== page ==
An internal audit raised serious concerns over financial oversight
The Garda Commissioner Noirín O'Sullivan has described the practices uncovered relating to accounting and expenditure at the garda training college in Templemore as 'unacceptable'.
But Commissioner O'Sullivan says the problems go back as much as 40 years, and that so far paper trails have not been uncovered.
She is facing questions at the Public Accounts Committee (PAC) about why when concerns were first raised in 2006, it took until last year for a full internal audit to be carried out.
The Commissioner admits gardaí have not yet fully worked out if criminal activity went on.
"What I've asked the people who conducted the audit to date is: 'Is there anybody either in the line management stream - so all the way from the Chief Administrative Officer Mr Barrett, all the way down, or Mr Kelly who conducted the audit report - is there anybody who has reasonable grounds to suspect that a crime has been committed at this point'?
"And what I'm informed is no.
"However, we haven't stopped there - I've asked an assistant commissioner to examine the content of the interim audit report".
A report published in March raised serious concerns over financial oversight at the college - including the use of public money for entertainment, gifts and for clubs and societies.
The report suggests that €100,000 was transferred from a college company to the private Garda Boat Club.
Fine Gael TD Alan Farrell claimed what happened was "embezzlement", but Commissioner O'Sullivan noted there was no evidence of illegality in the interim audit.
Deputy Farrell clarified: "The point I would make - and I looked up the definition [of embezzlement]... it doesn't necessarily infer certain things.
"[The definition] says 'misappropriation of funds placed in one's trust, or belonging to one's employer'. That's exactly what we're talking about."
The details - unearthed by an internal audit - were leaked in January, with Commissioner O'Sullivan claiming there was no criminality involved in the discrepancies and describing the irregularities as “legacy issues.”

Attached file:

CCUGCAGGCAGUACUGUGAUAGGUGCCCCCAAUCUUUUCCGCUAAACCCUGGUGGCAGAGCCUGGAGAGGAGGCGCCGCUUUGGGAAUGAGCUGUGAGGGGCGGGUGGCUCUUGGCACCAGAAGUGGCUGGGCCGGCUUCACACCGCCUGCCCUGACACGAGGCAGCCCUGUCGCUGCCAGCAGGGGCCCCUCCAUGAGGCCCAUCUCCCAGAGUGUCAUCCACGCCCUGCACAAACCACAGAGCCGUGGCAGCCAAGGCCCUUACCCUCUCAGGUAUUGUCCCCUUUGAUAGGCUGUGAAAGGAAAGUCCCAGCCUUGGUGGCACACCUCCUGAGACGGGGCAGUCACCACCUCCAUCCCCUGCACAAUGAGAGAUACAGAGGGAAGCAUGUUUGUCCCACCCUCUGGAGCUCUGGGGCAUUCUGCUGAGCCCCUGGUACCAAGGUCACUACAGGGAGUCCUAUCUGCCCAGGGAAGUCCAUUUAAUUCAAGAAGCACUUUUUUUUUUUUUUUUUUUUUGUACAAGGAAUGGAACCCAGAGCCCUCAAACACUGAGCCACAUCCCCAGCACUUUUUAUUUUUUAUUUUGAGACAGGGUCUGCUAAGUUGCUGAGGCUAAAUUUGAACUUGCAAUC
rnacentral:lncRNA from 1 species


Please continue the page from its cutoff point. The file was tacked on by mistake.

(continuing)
However, Labour Party TD Alan Kelly - who is chairing today's meeting - warned earlier that there are many questions still to be answered.
"Simply put this behaviour was unacceptable," he said. "This audit was absolutely incredible in its nature and the way in which it has revealed certain behaviours."
“We need to look at who was on the audit committee; we need to look at what was the commissioner’s role; we need to look at also who was involved from An Garda Síochána in relation to overseeing this down through the years and particularly in recent times."
The Garda Internal Audit Section interim report examined financial procedures at the Templemore College between January 2009 and March 2016 – during which time around €112m of public funds was spent.
The report found that no financial controls existed on a number of the 48 bank accounts that were identified as being linked to the college.
It found that garda staff assigned to administrative roles had no training in, or experience of, administration - and had no knowledge of public financial procedures and governance codes.
The accountant responsible for the college bar was unable to verify cash records for certain functions that were held on the premises – while around 37% of the expenditure from a laundry and services account, “had nothing to do with laundry or services.”
Deputy Kelly said senior management need to explain how they can stand over the irregularities and why they are only coming to light now.
The chair of the committee, Séan Fleming, said the audit "highlighted serious issues in relation to financial controls and mismanagement of funds."
He said it is important that an effective system of internal financial control is maintained within the force moving forward - adding that the committee will expect to hear what changes have been put in place since the report came to light.